Customs and Border Protection (CBP) has canceled its multi-million dollar contract with Accenture Federal Services, the company it initially brought on to help the agency meet a series of tough recruitment demands outlined in a 2017 executive order.
“CBP concluded the contract is no longer the best and most cost-effective way to support agency needs,” a spokeswoman said in an email to Federal News Network.
The decision came after CBP issued a partial stop work order on the contract back in December. During this time, CBP said it collaborated with Accenture to determine “how to best leverage the contract going forward,” the spokeswoman said.
It was based on that collaboration that the agency decided it was best to terminate the contract for convenience on April 4, CBP said.
Terminating a contract “for convenience” typically puts no penalty on the company, as CBP said.
Axois first reported the cancellation of the Accenture contract.
CBP has been waging an uphill battle to meet its staffing requirements for years. The agency hasn’t met its congressionally-mandated hiring goals since fiscal 2014, and it’s short 6,927 Border Patrol agents and roughly 1,000 CBP officers.
For the first time since 2013, CBP did hire more employees than it lost in 2018. The agency attributes this success, at least in part, to Accenture.
The company, as its CEO John Goodman told members of the House Homeland Security Committee during a hearing last month on CBP’s recruitment challenges, built a recruiting system and customer service call centers to answer applicants’ questions during the hiring process.
These systems improved the agency’s “ability to process, track and support applicants throughout the hiring process,” the CBP spokeswoman said.
Accenture also created marketing and advertising materials and what Goodman described as a “talent network” of 100,000 potential applicants, which CBP can use into the future.
“The contract with CBP is designed to help the client develop a high-quality candidate pipeline by leveraging commercial best practices, using the latest technologies and developing effective digital marketing and advertising campaigns,” an Accenture spokeswoman said in a statement. “In accordance with the contract, Accenture backs its work by delivering innovation that is now the foundation for a modern, state-of-the-art recruitment process already serving CBP and will be a capability they can rely upon for years to come.”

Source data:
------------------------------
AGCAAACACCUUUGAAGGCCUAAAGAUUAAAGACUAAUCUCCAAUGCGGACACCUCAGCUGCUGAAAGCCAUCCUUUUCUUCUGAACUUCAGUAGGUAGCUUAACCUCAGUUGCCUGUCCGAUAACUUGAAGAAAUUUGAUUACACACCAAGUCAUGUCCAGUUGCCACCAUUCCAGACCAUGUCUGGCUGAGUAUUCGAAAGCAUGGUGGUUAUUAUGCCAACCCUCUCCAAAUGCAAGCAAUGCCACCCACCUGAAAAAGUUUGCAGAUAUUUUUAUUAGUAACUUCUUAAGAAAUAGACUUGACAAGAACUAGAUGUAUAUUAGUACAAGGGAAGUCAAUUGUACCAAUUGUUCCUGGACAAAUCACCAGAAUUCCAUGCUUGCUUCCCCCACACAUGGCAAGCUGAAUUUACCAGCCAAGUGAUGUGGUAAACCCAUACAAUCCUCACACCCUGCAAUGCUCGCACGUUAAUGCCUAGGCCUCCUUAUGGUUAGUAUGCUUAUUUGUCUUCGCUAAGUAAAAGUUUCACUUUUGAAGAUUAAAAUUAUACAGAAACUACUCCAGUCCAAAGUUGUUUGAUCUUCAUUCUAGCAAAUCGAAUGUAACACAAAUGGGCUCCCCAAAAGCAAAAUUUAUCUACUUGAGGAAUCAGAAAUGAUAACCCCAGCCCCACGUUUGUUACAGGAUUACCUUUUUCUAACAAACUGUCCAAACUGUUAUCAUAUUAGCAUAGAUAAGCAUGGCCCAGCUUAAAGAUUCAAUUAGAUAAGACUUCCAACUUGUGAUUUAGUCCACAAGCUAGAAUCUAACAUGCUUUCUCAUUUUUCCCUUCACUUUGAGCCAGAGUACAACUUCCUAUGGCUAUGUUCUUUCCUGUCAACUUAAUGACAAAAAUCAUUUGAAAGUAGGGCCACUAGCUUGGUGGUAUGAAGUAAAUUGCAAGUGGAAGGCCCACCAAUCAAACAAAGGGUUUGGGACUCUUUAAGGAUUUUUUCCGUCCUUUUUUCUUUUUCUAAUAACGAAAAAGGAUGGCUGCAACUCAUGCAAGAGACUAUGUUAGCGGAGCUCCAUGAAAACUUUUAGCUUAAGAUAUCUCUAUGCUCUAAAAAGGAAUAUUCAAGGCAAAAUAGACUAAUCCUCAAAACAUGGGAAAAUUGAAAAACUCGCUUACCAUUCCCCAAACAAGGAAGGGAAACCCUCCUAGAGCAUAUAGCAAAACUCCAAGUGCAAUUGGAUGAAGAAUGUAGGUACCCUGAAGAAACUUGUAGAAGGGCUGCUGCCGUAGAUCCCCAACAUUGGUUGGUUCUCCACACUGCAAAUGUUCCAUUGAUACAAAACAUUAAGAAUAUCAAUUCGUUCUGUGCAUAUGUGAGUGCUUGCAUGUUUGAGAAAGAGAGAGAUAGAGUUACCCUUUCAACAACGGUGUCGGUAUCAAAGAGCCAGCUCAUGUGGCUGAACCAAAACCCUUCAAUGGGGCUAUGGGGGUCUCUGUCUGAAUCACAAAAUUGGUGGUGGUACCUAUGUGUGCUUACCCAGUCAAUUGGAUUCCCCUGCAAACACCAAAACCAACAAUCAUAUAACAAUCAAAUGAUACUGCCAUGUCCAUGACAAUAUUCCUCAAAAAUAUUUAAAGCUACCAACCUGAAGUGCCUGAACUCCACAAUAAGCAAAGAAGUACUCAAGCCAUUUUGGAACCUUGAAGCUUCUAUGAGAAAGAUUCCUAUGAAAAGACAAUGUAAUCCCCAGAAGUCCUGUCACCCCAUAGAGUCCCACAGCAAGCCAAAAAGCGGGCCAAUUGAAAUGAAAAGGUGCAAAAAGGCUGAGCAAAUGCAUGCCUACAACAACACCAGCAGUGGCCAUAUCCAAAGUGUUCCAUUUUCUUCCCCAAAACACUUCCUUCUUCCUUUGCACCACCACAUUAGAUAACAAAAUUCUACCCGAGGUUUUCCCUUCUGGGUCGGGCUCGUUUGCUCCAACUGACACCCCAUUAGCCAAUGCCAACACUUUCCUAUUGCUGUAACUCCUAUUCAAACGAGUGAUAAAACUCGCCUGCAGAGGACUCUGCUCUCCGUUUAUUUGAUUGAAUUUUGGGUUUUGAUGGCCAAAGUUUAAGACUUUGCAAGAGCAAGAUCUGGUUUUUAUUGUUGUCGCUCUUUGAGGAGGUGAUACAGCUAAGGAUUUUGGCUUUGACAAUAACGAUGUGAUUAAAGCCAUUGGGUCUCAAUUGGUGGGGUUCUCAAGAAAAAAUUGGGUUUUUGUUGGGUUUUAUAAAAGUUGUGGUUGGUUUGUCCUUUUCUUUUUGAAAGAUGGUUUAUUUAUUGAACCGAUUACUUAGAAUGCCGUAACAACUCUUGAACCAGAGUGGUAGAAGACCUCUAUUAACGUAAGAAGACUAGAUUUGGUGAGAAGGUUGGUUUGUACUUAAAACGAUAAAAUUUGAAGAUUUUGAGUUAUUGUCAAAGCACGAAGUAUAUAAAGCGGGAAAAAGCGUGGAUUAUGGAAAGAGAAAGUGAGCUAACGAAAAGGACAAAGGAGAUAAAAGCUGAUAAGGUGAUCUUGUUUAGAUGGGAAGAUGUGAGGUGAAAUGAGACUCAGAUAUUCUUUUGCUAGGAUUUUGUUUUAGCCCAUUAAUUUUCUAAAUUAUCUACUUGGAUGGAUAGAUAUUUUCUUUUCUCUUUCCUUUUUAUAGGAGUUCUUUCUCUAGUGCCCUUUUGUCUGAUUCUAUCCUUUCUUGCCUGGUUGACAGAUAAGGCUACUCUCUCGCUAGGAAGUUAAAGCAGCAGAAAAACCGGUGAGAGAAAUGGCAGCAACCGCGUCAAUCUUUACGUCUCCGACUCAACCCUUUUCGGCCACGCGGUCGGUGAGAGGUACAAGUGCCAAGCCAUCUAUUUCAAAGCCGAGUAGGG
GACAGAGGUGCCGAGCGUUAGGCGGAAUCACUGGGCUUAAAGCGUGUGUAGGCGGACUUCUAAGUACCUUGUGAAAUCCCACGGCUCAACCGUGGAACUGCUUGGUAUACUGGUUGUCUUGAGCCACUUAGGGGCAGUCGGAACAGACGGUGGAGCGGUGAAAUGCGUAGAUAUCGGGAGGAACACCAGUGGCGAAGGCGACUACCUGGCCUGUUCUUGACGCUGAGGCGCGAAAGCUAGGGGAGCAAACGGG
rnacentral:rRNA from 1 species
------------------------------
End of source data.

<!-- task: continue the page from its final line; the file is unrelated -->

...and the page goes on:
CBP first signed a one-year contract with Accenture in November 2017 with four one-year options. The contract had a ceiling of up to $297 million, and Accenture didn’t get completely paid for the hiring it was supposed to handle — about $40,000 for each new hire — until an applicant had moved through the entire process and entered duty.
Some members of Congress were initially skeptical of the contract. A December report from the Department of Homeland Security’s inspector general, which said Accenture had failed to live up to the contract’s expectations, heightened those concerns.
The CBP spokeswoman said the agency had paid Accenture a total of $21 million for work that has been invoiced and certified as complete. Of the $21 million, $19 million went toward the start-up costs of developing the new recruitment and customer service systems and creating marketing materials.
The remaining $2 million paid for the 56 people who Accenture had helped through the hiring process and had accepted job offers with CBP, Goodman told lawmakers in March.
That’s well short of what CBP initially called for in two separate work orders with Accenture — 613 new hires worth $24 million in November 2017 and an additional 389 new hires in September 2018 for $17 million.
In total, CBP issued the company orders worth $60 million, the agency’s spokeswoman said.
CBP and Accenture are working to settle outstanding charges for any work that was still in progress at the time of the contract’s cancellation, the agency spokeswoman said. About $39 million remains on the contract and should cover the outstanding charges, the agency said.
Any remaining funds will be returned to the Treasury, the CBP spokeswoman said.
“CBP learned valuable lessons about industry standards in recruiting, applicant care and hiring,” the agency spokeswoman said. “Additionally we recognized and matured our internal capacity to grow the frontline workforce. These valuable lessons will be carried forward as we continue to implement recruitment strategies that ensure the frontline is staffed with personnel whose skills, knowledge and character are equal to the task.”
The National Treasury Employees Union, who was an outspoken critic of the contract in the beginning, praised the decision to end the Accenture contract.
“We hope the administration will devote adequate resources to use the tools it already has with the existing CBP personnel system, rather than signing another multi-million dollar deal with a private contractor that simply cannot deliver,” NTEU National President Tony Reardon said Friday in a statement.
NTEU, which represents 27,000 CBP officers, agriculture specialists and trade enforcement personnel, recently endorsed a bipartisan Senate bill that would allow the agency to hire no less than 600 additional officers a year until it meets staffing goals.
The bill, which Senate Homeland Security and Governmental Affairs Committee Ranking Member Gary Peters (D-Mich.) and Sen. John Cornyn (R-Texas) introduced this week, specifies hiring would occur at both the southern border and other ports of entry across the country.
The Department of Homeland Security earlier this week announced plans to voluntarily reassign as many as 2,000 additional CBP personnel to the southern border.